New York and beyond rattled by rare East Coast earthquake

New York and beyond rattled by rare East Coast earthquake
New York and beyond rattled by rare East Coast earthquake

We show you our most important and recent visitors news details New York and beyond rattled by rare East Coast earthquake in the following article

Hind Al Soulia - Riyadh - NEW YORK — New York and cities on the US East Coast are assessing the impact of a rare earthquake that swayed landmarks and cracked roads.

The magnitude-4.8 quake struck at 10:23 local time (15:23 BST) near Lebanon, New Jersey, and could be felt from Pennsylvania to Connecticut.

Residents spoke of being rocked by a violent rumbling that threw objects around their homes and damaged walls.

Officials are now conducting safety assessments of infrastructure.

At least six aftershocks were reported by residents and the United States Geological Survey, including one with a 4.0 magnitude felt around 18:00 local time.

In New York, the Statue of Liberty was seen swaying during the initial earthquake, while workers and residents across the city’s five boroughs reported violent rumbling.

Jane Coxwell told the BBC she felt a “rattling” like a train passing while she was in a building in lower Manhattan.

“Living in New York I have become accustomed to rattling from the subway. That’s what I thought it was,” she said.

“Then I realized I was on the ninth floor. It was a bit unsteady for sure. It felt like a passing train.”

Brooklyn and the Bronx residents reported rattling cupboards, doors and fixtures.

Charita Walcott, a 38-year-old from the Bronx, said the quake felt “like a violent rumble that lasted about 30 seconds or so”.

“It was kind of like being in a drum circle, that vibration,” she said.

Another New York resident told the BBC’s US partner CBS News how their lazy morning suddenly turned. “I was laying in my bed, and my whole apartment building started shaking. I started freaking out,” they said.

At the UN Security Council headquarters, a meeting on Gaza was temporarily paused due to the tremor. “Is that an earthquake?” said Save the Children representative Janti Soeripto, who was speaking at the time.

Aircraft at two airports — JFK in New York and Newark in New Jersey — were temporarily grounded while runways were inspected.

Yet for all of the drama, New York state Governor Kathy Hochul said there had been no reports of major damage or injuries.

Hochul warned of aftershocks, but said they are normal and not expected to cause further damage.

The latest aftershock in the early evening was reported on social media by several users, including the official page for the Empire State Building, which wrote on X: “Not again” and “I’m still fine”.

Hochul said that officials had started a damage assessment across the state to ensure the safety of buildings and infrastructure.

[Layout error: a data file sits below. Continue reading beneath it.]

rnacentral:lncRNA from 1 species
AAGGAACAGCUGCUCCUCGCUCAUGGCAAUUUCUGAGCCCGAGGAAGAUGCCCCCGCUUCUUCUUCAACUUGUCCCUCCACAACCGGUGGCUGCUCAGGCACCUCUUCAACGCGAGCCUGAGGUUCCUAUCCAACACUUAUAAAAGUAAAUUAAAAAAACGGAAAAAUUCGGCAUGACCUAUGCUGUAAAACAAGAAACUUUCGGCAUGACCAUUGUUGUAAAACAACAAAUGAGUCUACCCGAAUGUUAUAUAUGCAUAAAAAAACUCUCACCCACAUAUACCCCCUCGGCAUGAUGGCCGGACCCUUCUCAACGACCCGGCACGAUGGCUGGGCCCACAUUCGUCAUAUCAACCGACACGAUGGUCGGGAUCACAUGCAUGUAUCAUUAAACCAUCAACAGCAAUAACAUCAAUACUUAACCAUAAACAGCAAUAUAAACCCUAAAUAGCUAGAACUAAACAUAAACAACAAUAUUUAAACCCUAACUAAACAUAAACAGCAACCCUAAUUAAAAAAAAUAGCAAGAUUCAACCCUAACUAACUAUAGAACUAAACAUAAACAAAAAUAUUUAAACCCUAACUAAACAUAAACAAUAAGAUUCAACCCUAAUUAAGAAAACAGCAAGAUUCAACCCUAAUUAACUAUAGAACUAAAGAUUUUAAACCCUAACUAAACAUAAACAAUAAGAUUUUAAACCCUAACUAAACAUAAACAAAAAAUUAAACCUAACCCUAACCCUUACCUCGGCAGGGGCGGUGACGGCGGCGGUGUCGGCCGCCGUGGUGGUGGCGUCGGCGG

“It’s been an unsettling day, to say the least,” she added.

In the town of Union, New Jersey, about 35 miles from the epicenter, resident David Scibione told CBS how “things on our roof started coming down” when the shaking began. And when it had finished, the roads around his house had split from the force.

Allison Martins, also of New Jersey, was recording on TikTok when the rumbling started. Her “little video on the day in the life of somebody who works from nine to five” became something more as her camera caught her house shaking.

“We’re not used to having earthquakes in New Jersey, let alone a big one like this; we were all scared,” she said.

New Jersey Governor Phil Murphy said his state had also started a safety assessment. His top concern were the Hudson River tunnels, although there were no reports of major damage.

“The rail tunnels were built in...1911, which is why we’re building two new ones,” he said. Cracks appeared in roads closer to the epicenter — such as here in Union, New Jersey

The East Coast and New York City are no strangers to earthquakes, although they are rare.

A quake hit near the town of Newcomb in upstate New York with a 5.1 magnitude in 1983, and a 5.0-magnitude tremor was measured in New York City in 1884.

But the biggest to affect the East Coast was in 2011, when a 5.8 quake in Virginia forced hundreds of thousands of people to evacuate buildings in New York, Washington DC and other cities.

Jessica Jobe, of the US Geological Survey, said that Friday’s quake may have happened on an old fault line that had become “reactivated”.

“Although there are no known active faults in the area, there are dozens of older inactive faults that formed millions of years ago,” she said.

“And under the current stresses from tectonic plates moving those faults can be intermittently reactivated.”

She added that earthquakes “can happen anywhere at any time”, but there was only a 3% chance of a 5 magnitude aftershock in the next week. — BBC

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